Author Archive

Heart Bombs at National Trust Historic Sites: Staff and Visitors Feel the Love

Posted on: February 13th, 2015 by National Trust for Historic Preservation 1 Comment

 

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Last month, we on the National Trust editorial team sent an impassioned plea to our Historic Sites department: "Buy glitter. Make hearts. Show us the love."

And boy, did our sites deliver! Twelve of our National Trust Historic Sites across the country coordinated love-filled heart bombs to show the world why they love their historic place so much. We've gathered some of our favorite photos from their events -- complete with heartfelt quotes about each site from its staff, supporters, and visitors -- and shared them with you here. Happy Valentine's Day, everyone!

P.S. Interested in hosting your own heart bomb for a place you love? Here's how you can make a heart bomb happen.... Read More →

The National Trust for Historic Preservation works to save America's historic places. Join us today to help protect the places that matter to you.

National Trust for Historic Preservation

National Trust for Historic Preservation

The National Trust for Historic Preservation, a privately funded non-profit organization, works to save America's historic places.

[VIDEO] Why Shockoe Bottom is Relevant Today

Posted on: January 22nd, 2015 by National Trust for Historic Preservation

 

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Between 1830 and 1865, Richmond, Virginia's Shockoe Bottom was the second-busiest hub of the American slave trade. The creek bottom that now sits near I-95 hosted auction houses, offices, and slave jails. Solomon Northup, whose memoir inspired the 2013 Oscar-winning film 12 Years a Slave, was held in Shockoe Bottom in 1841.

Since then, much of what was Shockoe Bottom has been lost to time, but the site still stands as a reminder of the suffering and injustice that took place there. It is also a symbol of endurance and resistance.

Today, the site is also threatened by the proposed construction of a minor league baseball stadium and other development.

In September 2014, the National Trust and Preservation Virginia convened local leaders and historians at President Lincoln's Cottage in Washington to discuss the future of Shockoe Bottom. They were asked why Shockoe Bottom is still relevant today, and what they would like to tell the mayor of Richmond about the development plans for the site. Here is what they said.

... Read More →

The National Trust for Historic Preservation works to save America's historic places. Join us today to help protect the places that matter to you.

National Trust for Historic Preservation

National Trust for Historic Preservation

The National Trust for Historic Preservation, a privately funded non-profit organization, works to save America's historic places.

[VIDEO] Why Shockoe Bottom Matters

Posted on: January 21st, 2015 by National Trust for Historic Preservation

 

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Between 1830 and 1865, the slave trade of Richmond, Virginia's Shockoe Bottom was second in importance only to that of New Orleans. Auction houses, offices, and slave jails, like the one that held Solomon Northup, whose memoir was the basis for the Oscar-winning 12 Years a Slave, were scattered across a creek bottom that flowed to the James River.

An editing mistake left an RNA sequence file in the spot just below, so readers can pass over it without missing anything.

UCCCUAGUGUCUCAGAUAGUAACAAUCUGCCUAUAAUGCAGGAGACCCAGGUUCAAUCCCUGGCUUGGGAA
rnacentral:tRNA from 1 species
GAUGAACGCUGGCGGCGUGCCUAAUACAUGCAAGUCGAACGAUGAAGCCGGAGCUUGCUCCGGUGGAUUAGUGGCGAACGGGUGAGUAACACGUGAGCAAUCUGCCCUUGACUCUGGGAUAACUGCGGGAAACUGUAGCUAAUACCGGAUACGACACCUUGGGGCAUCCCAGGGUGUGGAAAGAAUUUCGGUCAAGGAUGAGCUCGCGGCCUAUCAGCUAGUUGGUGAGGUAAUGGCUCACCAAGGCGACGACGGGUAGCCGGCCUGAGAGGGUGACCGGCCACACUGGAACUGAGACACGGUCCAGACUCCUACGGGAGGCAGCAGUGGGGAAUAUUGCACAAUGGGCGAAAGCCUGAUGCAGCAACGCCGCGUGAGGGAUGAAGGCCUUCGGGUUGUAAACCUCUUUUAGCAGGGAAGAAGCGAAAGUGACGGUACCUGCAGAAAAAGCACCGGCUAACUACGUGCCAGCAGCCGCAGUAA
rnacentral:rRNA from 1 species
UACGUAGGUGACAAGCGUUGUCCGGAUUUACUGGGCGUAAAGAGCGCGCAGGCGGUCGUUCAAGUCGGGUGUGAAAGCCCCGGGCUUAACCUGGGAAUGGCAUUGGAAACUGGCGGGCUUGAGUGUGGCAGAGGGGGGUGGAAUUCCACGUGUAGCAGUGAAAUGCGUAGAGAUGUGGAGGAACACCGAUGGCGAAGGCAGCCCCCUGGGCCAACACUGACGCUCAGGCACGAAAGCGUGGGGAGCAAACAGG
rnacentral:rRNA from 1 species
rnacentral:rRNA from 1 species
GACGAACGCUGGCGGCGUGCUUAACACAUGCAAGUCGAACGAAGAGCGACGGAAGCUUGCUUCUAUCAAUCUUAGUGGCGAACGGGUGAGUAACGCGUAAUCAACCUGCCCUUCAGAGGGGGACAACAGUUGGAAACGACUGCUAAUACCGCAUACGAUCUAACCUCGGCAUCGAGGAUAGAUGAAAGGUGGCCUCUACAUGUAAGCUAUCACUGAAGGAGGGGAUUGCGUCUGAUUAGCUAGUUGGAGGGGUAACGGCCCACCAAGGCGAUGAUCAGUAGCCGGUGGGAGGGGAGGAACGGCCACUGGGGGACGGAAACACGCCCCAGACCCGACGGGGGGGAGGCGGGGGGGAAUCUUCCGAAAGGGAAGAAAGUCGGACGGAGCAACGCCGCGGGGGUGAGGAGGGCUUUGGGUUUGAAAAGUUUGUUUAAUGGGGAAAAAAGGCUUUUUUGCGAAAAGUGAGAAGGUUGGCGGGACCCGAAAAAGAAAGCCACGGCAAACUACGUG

Much of the site has been lost to time, but the place remains a reminder of the suffering and injustice that took place there. It also stands as a symbol of endurance and resistance.

But beyond the passage of time, the site is also threatened by the proposed construction of a minor league baseball stadium and other development.

In September 2014, the National Trust and Preservation Virginia convened local leaders and historians at President Lincoln's Cottage in Washington to discuss the future of Shockoe Bottom. They were asked why Shockoe Bottom matters to them, and how they would like to see the site used. Here is what they said.

... Read More →

The National Trust for Historic Preservation works to save America's historic places. Join us today to help protect the places that matter to you.

National Trust for Historic Preservation

National Trust for Historic Preservation

The National Trust for Historic Preservation, a privately funded non-profit organization, works to save America's historic places.

Historic Places as Sites of Conscience: Shockoe Bottom’s Potential to Change Society

Posted on: January 19th, 2015 by National Trust for Historic Preservation 5 Comments

 

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By Rob Nieweg, Field Director, and Brent Leggs, Senior Field Officer

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The National Trust for Historic Preservation and Preservation Virginia convened local leaders and historians at a retreat to weigh in on why Shockoe Bottom matters as a Site of Conscience.

On the third Monday of each January, Americans are called to reflect on the life and legacy of Martin Luther King, Jr. On this national day of service, we also are encouraged by President Obama to take action to make our nation a better place to live.